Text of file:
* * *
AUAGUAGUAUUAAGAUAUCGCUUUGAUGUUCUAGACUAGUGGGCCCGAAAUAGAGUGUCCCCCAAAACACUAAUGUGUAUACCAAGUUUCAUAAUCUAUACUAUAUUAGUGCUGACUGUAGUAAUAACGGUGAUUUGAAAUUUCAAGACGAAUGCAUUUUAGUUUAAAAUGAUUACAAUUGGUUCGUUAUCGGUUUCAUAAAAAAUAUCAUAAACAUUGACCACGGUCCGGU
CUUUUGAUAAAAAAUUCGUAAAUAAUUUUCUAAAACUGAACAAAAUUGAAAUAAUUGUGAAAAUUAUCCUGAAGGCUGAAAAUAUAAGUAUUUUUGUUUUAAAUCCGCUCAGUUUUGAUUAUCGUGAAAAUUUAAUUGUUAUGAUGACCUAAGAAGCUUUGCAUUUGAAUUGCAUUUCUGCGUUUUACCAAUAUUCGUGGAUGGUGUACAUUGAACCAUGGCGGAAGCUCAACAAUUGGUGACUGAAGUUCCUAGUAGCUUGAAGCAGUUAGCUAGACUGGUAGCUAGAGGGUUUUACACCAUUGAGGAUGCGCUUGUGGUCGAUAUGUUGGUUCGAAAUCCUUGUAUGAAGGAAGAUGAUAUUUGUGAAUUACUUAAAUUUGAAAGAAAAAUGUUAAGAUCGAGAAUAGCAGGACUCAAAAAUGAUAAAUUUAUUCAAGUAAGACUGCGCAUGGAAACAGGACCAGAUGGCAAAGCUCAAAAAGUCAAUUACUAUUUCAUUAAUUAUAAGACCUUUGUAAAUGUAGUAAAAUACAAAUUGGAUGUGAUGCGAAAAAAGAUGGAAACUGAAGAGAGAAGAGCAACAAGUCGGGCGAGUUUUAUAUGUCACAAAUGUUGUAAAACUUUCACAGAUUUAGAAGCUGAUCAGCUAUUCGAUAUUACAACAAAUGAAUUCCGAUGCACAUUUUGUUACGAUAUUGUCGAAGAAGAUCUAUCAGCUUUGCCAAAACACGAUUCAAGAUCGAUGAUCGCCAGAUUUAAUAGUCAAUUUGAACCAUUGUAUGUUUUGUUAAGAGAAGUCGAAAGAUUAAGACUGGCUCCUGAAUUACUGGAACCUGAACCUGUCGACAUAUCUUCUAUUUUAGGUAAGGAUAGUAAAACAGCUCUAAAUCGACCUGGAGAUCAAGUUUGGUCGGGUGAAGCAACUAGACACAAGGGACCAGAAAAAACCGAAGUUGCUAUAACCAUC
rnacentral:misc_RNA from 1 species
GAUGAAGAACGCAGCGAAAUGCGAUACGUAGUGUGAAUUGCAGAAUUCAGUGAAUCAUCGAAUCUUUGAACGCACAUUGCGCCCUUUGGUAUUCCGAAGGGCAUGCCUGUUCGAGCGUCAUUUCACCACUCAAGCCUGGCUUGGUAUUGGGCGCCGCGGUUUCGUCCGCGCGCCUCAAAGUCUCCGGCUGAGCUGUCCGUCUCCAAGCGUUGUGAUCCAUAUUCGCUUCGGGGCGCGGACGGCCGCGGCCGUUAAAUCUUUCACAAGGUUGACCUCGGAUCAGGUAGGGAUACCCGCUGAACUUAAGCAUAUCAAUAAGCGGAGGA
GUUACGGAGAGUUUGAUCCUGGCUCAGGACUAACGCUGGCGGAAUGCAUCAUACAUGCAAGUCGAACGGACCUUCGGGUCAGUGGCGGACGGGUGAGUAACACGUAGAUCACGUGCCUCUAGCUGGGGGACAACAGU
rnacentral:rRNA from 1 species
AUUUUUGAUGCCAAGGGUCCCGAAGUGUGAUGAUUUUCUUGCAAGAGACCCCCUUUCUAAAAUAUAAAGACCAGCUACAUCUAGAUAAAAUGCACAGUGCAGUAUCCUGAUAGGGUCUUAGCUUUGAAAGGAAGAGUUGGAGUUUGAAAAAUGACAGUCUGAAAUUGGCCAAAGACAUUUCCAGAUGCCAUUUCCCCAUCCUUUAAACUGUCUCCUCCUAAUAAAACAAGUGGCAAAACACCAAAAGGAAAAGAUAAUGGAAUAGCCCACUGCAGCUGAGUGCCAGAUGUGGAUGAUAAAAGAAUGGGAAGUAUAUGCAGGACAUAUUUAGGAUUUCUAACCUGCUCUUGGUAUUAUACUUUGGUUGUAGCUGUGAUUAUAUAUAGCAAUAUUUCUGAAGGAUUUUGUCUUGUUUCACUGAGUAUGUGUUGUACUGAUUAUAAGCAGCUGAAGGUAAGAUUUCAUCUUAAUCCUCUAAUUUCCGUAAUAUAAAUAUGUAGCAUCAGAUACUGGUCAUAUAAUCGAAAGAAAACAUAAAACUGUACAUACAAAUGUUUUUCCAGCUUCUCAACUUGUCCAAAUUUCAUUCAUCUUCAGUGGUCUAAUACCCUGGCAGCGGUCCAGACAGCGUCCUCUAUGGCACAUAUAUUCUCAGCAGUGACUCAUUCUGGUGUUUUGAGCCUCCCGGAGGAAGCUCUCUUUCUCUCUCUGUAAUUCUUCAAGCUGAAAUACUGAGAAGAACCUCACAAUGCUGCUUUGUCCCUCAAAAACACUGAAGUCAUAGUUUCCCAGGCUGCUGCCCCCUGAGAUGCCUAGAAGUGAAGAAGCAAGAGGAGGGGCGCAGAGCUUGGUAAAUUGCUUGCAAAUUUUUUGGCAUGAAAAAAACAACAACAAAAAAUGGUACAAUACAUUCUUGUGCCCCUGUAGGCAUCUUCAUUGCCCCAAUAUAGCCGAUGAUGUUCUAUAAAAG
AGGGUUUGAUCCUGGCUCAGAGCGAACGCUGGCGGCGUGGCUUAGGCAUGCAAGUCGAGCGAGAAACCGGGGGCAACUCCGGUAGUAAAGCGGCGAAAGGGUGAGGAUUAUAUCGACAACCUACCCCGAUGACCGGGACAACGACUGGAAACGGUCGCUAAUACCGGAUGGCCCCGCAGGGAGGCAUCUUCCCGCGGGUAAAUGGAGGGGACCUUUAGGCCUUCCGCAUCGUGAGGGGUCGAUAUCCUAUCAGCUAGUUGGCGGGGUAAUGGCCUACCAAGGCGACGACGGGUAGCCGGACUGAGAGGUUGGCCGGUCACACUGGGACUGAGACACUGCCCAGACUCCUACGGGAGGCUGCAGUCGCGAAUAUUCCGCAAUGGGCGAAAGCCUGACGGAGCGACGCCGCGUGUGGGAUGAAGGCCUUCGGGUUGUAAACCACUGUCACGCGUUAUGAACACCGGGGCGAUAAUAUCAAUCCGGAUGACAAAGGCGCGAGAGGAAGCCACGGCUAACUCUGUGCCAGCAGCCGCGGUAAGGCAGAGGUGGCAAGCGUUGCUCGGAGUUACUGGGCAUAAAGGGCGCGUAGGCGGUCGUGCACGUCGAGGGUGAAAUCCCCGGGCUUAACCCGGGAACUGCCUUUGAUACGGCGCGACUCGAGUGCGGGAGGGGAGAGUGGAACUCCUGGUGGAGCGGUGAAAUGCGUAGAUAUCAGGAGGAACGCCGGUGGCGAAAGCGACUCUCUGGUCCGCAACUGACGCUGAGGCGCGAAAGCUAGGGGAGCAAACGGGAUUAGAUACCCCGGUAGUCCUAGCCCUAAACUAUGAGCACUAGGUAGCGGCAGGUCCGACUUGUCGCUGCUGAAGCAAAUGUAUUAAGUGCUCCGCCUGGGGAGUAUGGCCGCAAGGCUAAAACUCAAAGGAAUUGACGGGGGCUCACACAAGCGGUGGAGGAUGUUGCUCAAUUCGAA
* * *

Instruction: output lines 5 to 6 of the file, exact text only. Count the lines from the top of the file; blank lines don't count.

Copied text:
GUUACGGAGAGUUUGAUCCUGGCUCAGGACUAACGCUGGCGGAAUGCAUCAUACAUGCAAGUCGAACGGACCUUCGGGUCAGUGGCGGACGGGUGAGUAACACGUAGAUCACGUGCCUCUAGCUGGGGGACAACAGU
rnacentral:rRNA from 1 species